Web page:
Whether you want to launch a business or grow it, you may have the need to capitalize it. In short, this means financing it. And in doing so, there are things to consider as you open your doors, or take your business to the next level.
First, what does capitalizing do?
Technically speaking, capitalization refers to the cost of equipment that is written off as depreciation over time. It also refers to the converting of retained earnings into capital or of an operating lease into a capital lease. In general terms, it means the investment you make in your business, generating money to make the business happen. It may be called funding, backing, capital investment, or owner’s stake.
When you capitalize a business, you’re able to combine funding with your operating cash flow to pay for assets such as equipment, vehicles and real estate, or plan for growth through purchasing inventory, hiring employees, or financing receivables. It also allows your business to reserve funds for emergencies.
There are many ways to capitalize a business. Two of the more popular ones are equity or debit funding, or a combination of both.
As in other financial situations, equity basically means ownership. Capitalization through equity funding involves the investment of the owners, which can take on many forms. Investors can own stock or shares in your business, or partners can be issued partnership interests.
Equity funding can be beneficial in that there is no debt involved and therefore no credit history is required. The money comes outright from the “owners,” so in most cases there’s no need to pay back investors.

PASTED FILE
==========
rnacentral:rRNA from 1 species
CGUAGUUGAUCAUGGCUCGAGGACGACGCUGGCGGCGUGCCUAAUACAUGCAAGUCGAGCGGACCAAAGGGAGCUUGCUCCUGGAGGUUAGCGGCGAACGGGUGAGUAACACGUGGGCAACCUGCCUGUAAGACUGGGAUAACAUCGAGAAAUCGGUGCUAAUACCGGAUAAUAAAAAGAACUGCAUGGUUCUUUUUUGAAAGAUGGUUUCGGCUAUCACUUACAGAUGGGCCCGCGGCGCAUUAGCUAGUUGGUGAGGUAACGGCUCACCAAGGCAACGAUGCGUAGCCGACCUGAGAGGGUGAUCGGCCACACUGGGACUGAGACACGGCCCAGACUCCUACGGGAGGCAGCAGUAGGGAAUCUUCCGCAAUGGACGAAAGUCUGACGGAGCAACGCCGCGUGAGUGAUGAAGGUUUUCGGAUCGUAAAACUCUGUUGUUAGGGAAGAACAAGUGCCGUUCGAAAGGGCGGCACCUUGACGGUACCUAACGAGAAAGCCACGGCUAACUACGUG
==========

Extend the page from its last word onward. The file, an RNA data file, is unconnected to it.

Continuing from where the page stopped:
The downside is that while investors provide essential funding, they also gain important rights. You may lose some control over your business as every investor will be able to have a say in how funds are spent. If your business is your baby, you may not want to relinquish that kind of power. In addition, in most cases, investors also recoup their share of the profits, which may end up being more than the cost of a loan.
Another way to capitalize a business is through debt funding. This allows you to take immediate action to open your doors or grow your business by taking out a loan.
There are many ways to do this, whether direct financing through a bank or more complicated arrangements such as with angel investors or venture capitalists. Debt funding is beneficial in that you don’t have to give up any ownership interests. The business remains in your control. At the same time, you make regular payments that can help you build business credit. And going forward, the interest you pay on the loan can be written off as a business expense.
The downside of debt financing is that you’ll need enough cash flow to make regular loan payments. Not making timely payments can hurt your credit rating. Taking out a loan can also can increase your debt-to-equity ratio, which can paint the business in a negative light. Another disadvantage is the debt is often tied to collateral, which may be the business itself or the owner’s personal assets.
Something to consider when capitalizing your business is the opportunity to capitalize interest. This refers to the interest you pay on loans to finance your long-term assets. When you capitalize interest, you add the cost of the interest to the book value of the long-term asset.
In that way it’s seen as a depreciation expense rather than an interest expense. This can reduce the business’s profit “on the books,” while not reducing its cash flow.
The downside of this option is that you cannot realize the tax benefits in the same year the loan is taken out. The interest expense can be recognized as a depreciation expense in a later period.
Capitalizing your business is something every owner must consider whether they’re just starting out or they’re ready to grow, acquire, and move into new markets. Many times, the capital comes from a variety of places – owner’s savings, personal investors, interested partners, or long-term business loans. However, you choose to obtain funding, there are options that can help you succeed.
Authored By Diedre Barret – Senior Vice President of Sales and Marketing for Guaranty Bank